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Empirical approach to outdoor WBGT from meteorological data and performance of two different instrument designs.

Authors
Bernard-TE; Barrow-CA
Source
Ind Health 2013 Jan-Feb; 51(1):79-85
NIOSHTIC No.
20043536
Abstract
The wet bulb globe temperature index (WBGT) is a common method to assess the environmental contribution to heat stress as part of an occupational exposure assessment. The two purposes of this study were (1) to compare empirical relationships of some meteorological conditions to WBGT, and (2) to evaluate a smaller globe and alternative method to assess natural wet bulb using a relative humidity sensor. Data were collected in six West-central Florida locations over multiple days for a total of 14 measurement days. Multiple linear regression was used to explore relationships relevant to the two purposes. It was clear that estimating WBGT directly from meteorological data or through estimates of the components of WBGT can be accomplished with a 95% confidence of +/- 2 degrees C-WBGT. The 50 mm globe size is a reasonable approximation of the standard size (150 mm). The relative humidity method of the waterless natural wet bulb provides a very good estimation of natural wet bulb temperature. The determination of WBGT from the electronic instruments (small globe with or without the relative humidity method) provided a good estimate of the WBGT.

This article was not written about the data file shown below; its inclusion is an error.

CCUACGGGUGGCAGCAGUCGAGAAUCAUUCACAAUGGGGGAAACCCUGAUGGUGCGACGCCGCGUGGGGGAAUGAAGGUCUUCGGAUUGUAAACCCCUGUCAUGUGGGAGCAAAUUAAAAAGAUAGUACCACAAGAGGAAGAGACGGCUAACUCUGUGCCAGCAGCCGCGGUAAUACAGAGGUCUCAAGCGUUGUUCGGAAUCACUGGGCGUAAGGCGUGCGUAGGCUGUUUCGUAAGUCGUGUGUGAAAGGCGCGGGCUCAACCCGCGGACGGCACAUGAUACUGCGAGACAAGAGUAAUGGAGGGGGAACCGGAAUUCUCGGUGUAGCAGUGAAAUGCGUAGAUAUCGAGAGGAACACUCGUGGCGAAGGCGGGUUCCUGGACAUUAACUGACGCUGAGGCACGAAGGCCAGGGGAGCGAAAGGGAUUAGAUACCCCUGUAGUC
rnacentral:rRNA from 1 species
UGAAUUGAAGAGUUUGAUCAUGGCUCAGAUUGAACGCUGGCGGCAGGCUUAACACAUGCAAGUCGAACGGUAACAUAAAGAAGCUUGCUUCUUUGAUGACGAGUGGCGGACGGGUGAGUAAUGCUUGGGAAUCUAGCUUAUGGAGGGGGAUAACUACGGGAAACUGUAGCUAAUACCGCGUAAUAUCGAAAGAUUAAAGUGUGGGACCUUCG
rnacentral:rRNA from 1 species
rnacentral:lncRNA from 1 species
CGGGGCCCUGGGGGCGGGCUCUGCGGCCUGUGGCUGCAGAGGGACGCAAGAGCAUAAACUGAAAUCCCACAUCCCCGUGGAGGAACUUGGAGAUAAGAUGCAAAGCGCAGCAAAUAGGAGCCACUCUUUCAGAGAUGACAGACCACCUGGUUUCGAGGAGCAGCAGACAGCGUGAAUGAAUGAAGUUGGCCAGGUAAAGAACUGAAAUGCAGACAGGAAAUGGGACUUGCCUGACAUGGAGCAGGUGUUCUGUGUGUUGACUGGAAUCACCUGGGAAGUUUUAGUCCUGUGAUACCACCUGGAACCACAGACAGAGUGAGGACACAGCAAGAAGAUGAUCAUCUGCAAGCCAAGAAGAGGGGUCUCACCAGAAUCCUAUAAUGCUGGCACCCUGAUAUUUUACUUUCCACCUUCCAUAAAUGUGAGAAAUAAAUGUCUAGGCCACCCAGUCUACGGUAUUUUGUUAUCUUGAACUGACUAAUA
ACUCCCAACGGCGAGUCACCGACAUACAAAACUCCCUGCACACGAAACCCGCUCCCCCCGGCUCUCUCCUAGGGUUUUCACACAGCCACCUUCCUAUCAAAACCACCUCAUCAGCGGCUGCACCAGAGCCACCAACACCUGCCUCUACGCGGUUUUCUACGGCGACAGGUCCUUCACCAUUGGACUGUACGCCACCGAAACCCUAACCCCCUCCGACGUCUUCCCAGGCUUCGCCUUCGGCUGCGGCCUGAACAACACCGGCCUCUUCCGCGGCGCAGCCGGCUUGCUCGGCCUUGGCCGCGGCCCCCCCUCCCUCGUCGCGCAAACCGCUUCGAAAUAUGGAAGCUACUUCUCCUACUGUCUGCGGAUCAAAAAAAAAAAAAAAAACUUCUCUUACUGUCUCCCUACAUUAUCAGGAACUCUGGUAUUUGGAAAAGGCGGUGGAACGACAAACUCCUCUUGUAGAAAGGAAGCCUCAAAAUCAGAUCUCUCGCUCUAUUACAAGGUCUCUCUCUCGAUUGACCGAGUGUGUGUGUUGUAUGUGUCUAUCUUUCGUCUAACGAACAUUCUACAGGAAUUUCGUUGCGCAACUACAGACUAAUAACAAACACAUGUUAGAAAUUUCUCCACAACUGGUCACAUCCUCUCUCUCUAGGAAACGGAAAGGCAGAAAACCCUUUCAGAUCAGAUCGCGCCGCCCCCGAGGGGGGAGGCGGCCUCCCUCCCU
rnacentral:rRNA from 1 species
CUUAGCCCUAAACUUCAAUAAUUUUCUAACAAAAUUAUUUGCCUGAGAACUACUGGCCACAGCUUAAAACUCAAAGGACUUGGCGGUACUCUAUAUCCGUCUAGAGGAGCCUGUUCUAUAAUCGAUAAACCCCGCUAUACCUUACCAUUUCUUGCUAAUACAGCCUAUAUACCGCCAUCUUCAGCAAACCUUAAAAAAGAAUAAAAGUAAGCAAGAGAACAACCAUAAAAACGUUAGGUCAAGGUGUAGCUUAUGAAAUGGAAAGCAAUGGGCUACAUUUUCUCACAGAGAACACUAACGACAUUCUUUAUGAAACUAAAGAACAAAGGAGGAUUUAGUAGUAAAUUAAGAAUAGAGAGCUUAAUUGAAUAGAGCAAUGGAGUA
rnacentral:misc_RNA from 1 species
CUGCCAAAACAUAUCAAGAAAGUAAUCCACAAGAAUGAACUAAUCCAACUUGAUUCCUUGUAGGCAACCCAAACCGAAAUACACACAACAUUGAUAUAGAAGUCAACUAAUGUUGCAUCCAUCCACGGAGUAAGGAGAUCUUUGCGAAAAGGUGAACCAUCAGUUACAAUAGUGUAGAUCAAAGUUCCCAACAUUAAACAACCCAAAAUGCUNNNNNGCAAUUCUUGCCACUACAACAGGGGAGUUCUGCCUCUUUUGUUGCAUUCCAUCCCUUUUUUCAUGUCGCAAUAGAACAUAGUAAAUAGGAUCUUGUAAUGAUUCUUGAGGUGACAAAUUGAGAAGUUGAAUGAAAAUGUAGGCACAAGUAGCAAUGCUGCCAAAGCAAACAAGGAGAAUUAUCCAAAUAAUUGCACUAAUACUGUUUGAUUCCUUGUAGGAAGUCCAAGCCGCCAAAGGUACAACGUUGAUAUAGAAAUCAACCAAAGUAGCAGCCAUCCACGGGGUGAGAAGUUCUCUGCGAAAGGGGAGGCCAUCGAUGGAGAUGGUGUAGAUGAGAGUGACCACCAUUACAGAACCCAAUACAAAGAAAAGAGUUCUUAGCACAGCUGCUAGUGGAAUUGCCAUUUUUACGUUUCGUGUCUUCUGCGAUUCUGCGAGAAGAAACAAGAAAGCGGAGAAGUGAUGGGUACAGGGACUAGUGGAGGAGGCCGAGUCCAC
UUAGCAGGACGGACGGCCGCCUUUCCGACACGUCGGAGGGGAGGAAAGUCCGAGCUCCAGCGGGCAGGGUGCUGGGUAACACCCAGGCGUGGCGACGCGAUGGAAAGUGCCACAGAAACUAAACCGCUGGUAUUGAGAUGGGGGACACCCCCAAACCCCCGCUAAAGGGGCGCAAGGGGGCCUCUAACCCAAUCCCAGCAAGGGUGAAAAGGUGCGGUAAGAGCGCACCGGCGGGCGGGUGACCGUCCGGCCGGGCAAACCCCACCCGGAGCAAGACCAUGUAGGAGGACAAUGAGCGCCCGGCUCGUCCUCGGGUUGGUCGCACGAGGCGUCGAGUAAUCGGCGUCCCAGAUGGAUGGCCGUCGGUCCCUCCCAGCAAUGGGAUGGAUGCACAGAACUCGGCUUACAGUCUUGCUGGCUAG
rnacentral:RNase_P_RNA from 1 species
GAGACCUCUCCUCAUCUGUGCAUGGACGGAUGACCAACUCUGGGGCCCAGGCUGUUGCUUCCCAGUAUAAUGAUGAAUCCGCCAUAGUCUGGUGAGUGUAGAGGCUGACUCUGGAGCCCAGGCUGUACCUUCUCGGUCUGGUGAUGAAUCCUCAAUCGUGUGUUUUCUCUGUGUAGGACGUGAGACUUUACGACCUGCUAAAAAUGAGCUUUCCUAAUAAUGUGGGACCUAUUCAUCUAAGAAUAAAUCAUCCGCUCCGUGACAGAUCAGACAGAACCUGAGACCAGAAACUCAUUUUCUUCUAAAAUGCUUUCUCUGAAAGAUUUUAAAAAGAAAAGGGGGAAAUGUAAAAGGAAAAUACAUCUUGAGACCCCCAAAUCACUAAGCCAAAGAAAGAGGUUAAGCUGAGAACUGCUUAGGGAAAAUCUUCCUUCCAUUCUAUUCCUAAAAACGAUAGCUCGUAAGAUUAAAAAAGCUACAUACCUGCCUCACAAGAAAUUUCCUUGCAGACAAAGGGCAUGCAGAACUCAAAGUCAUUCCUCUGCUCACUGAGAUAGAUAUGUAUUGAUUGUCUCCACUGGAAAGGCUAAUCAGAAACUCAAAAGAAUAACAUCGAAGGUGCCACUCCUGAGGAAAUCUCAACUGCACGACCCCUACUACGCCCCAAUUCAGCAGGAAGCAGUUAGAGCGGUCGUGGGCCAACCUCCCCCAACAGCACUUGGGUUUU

Keywords
Environmental-exposure; Environmental-factors; Environmental-hazards; Heat; Heat-exposure; Heat-stress; Thermal-effects; Exposure-levels; Risk-factors; Temperature-effects; Etiology; Humans; Men; Women; Monitoring-systems; Meteorology; Wet-bulb-thermometers; Author Keywords: WBGT; Wet bulb globe temperature; Meteorological data; Instruments
CODEN
INHEAO
Publication Date
20130101
Document Type
Journal Article
Email Address
tbernard@health.usf.edu
Funding Type
Grant
Fiscal Year
2013
NTIS Accession No.
NTIS Price
Identifying No.
Grant-Number-T42-OH-008438; M122013
Issue of Publication
1
ISSN
0019-8366
Source Name
Industrial Health
State
FL
Performing Organization
Sunshine Education and Research Center, University of South Florida
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